From Our Ow.. Correspondent
On Sunday, May 21, the Flemish Nationalist Party held a Landtag, or ancient parliamentary gathering of the clans, at Ghent, at which 15,000 Flemings were present.
In view of the intense German propaganda in Belgium at present, this meeting aroused considerable misgivings, and it was boycotted by many of the more responsible Flemish elements.
A general fear is expressed that Herr Hitler might make Flemish autonomist aspirations a pretext for annexing Flanders as a "Protectorate."
Although the general atmosphere of Belgium is one of quiet optimism, owing partly to the visit of the Queen of Holland, the picturesque opening of the Liege Water Exhibition and to the decisive results of the recent general elections, nevertheless a certain uneasiness is manifesting itself owing to the Landtag.
-The proposal to hold it raised fierce opposition in the Belgian Press, and the Flemish professors of the Flemish University protested in a body against it.
The Burgomaster of Ghent declined on constitutional grounds to veto this expression of political beliefs, but he restricted its scope by forbidding the Wearing of uniforms, the carrying of slogans, and by confining the parade to a small quarter.
• DIVISION IN BELGIUM The alarm and general opposition to this meeting was caused by the fear that Flemish autonomy would bring division into Belgium and thus pave the way to a possible intervention by Herr Hitler. This fear persisted in spite of the resolution passed that the movement does not wish to be an instrument for Flanders to become a Protectorate of Germany, for, even if the members of the party are not conscious of it, their mysticism and way of working run in the spirit that favours Germany.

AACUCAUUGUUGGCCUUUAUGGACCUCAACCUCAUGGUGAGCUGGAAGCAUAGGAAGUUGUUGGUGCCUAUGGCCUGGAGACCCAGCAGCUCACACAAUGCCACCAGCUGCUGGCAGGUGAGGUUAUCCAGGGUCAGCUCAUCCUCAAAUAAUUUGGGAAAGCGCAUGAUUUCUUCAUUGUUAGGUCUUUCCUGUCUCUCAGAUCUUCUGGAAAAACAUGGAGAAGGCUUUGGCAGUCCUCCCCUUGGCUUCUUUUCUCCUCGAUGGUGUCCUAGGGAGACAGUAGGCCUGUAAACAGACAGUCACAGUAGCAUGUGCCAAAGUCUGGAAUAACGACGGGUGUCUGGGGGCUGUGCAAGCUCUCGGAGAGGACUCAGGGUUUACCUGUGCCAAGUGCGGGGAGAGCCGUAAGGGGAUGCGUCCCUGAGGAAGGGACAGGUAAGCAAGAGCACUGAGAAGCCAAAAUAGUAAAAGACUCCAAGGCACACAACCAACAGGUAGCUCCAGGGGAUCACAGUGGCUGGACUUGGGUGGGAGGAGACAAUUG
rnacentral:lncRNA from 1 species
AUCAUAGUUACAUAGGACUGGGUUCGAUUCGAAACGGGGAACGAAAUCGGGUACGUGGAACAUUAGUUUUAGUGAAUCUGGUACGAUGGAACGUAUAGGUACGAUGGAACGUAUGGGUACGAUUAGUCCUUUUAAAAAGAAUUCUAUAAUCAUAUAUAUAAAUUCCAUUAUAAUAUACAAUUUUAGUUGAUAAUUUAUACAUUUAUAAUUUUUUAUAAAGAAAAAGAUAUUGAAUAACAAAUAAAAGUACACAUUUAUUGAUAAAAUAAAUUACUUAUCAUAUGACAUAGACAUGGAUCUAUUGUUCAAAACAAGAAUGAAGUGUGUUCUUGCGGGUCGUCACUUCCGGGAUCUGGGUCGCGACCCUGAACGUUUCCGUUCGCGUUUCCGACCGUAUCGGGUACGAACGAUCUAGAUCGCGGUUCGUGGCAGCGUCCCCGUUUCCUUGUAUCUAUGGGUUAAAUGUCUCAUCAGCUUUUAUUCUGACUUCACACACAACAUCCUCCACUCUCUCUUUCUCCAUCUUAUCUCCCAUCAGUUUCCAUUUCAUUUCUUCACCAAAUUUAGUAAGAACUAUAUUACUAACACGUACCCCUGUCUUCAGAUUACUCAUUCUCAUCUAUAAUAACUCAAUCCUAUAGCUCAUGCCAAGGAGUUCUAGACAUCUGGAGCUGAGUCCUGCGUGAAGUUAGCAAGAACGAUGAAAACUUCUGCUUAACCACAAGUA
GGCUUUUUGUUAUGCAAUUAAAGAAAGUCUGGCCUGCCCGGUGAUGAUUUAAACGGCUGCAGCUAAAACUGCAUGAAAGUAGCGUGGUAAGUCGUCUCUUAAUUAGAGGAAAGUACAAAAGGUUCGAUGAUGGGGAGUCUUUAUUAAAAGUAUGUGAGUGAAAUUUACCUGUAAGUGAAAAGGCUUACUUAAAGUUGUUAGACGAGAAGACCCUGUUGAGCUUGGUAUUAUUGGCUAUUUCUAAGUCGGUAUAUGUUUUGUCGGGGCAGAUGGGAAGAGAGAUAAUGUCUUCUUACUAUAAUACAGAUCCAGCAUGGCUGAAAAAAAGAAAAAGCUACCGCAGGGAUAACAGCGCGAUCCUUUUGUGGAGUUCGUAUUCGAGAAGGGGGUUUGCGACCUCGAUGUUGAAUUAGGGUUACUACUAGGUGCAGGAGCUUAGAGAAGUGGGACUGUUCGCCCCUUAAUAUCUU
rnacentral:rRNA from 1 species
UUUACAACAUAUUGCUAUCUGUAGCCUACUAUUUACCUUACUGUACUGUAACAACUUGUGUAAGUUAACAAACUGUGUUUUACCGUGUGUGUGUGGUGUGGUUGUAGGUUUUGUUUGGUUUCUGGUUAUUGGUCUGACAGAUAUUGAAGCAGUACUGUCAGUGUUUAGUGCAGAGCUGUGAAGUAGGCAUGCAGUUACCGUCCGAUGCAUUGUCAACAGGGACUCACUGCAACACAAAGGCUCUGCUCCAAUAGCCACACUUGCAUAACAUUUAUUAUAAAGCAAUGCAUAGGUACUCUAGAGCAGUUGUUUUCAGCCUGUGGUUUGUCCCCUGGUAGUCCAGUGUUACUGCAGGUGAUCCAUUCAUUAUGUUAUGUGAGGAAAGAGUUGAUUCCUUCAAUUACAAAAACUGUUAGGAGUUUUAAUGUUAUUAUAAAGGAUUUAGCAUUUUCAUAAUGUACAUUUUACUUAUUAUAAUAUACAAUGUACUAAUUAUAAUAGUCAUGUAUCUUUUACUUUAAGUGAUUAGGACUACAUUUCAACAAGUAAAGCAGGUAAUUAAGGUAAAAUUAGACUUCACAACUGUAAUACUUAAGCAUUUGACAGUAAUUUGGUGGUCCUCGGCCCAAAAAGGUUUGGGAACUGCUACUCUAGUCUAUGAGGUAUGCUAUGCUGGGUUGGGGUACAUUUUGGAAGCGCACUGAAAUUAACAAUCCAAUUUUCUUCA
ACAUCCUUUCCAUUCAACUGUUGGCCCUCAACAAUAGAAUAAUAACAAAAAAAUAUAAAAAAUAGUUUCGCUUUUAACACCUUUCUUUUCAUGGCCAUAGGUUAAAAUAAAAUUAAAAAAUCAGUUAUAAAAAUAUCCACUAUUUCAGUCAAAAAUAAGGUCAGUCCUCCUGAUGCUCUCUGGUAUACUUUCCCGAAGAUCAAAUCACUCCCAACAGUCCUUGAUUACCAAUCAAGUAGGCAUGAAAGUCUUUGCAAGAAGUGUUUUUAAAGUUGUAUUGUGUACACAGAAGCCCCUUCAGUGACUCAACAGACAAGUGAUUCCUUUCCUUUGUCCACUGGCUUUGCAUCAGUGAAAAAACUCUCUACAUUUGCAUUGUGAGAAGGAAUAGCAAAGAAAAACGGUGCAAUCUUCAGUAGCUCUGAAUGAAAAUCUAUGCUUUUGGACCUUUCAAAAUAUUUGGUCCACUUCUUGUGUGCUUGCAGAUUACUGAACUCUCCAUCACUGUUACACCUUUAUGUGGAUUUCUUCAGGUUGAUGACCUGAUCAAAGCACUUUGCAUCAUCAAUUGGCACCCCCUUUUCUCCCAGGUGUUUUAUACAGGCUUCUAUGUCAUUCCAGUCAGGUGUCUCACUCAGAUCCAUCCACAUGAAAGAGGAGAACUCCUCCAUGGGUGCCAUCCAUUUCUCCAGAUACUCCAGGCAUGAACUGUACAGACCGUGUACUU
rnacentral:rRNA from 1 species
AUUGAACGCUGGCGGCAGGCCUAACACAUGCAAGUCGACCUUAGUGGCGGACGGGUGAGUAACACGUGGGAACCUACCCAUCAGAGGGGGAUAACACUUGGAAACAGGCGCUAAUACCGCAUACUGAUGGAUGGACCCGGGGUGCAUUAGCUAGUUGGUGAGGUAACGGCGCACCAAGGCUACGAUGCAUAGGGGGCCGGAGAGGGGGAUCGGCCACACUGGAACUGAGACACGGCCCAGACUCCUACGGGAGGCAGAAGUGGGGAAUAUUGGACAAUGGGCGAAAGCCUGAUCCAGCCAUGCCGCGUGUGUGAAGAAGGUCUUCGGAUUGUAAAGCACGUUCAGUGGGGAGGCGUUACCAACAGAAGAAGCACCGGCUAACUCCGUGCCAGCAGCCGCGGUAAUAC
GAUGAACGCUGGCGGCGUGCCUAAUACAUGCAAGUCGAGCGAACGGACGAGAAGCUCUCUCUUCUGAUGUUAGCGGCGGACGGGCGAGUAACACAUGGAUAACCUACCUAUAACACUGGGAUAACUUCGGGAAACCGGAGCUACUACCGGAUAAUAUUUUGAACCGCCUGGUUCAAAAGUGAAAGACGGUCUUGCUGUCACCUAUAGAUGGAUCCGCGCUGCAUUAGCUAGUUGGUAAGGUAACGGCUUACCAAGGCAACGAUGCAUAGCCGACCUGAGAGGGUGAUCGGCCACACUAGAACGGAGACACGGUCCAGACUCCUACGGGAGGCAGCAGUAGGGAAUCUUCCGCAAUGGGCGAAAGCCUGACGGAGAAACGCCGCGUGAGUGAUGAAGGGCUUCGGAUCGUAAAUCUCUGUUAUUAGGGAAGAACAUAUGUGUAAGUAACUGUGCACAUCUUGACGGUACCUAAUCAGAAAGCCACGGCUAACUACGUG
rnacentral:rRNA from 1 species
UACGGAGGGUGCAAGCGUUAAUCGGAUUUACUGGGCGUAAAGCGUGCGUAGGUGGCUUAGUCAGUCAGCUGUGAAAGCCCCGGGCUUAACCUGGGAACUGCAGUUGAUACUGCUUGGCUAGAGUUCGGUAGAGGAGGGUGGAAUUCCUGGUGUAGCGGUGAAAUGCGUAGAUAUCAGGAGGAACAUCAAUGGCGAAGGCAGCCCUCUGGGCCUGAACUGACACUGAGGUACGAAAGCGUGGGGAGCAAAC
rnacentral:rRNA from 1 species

Although one deputy, M. Leuridan, the Flemish M.P. for West Flanders, swore that he would " never recognise Belgium," this was an exception, the majority wanting only autonomy for both Flemings and Walloons. The leader of the Flemish Nationalist Party, Slat' Declercq, declared that " Belgium had no right to dispose arbitrarily of the existence and future of the Flemish people, who are treated as a minority people."
None the less, the V.N.V., or Flemish Nationalist Party, watchword must be "Neither German nor Flemish."
GERMAN PROPAGANDA I know from personal experience that among the most cultivated and dynamic of the V.N.V. leaders there is a pronounced and sympathetic leaning towards the Nazi regime.
The monster meeting was followed by a parade of some 15,000 Flemings, but beyond a few catcalls whenever the boycott of the Landtag was mentioned the day passed off without incident.
In view of the intense German propaganda and activity in Belgium, it is of vital interest to watch the progress of the Flemish Nationalist Movement.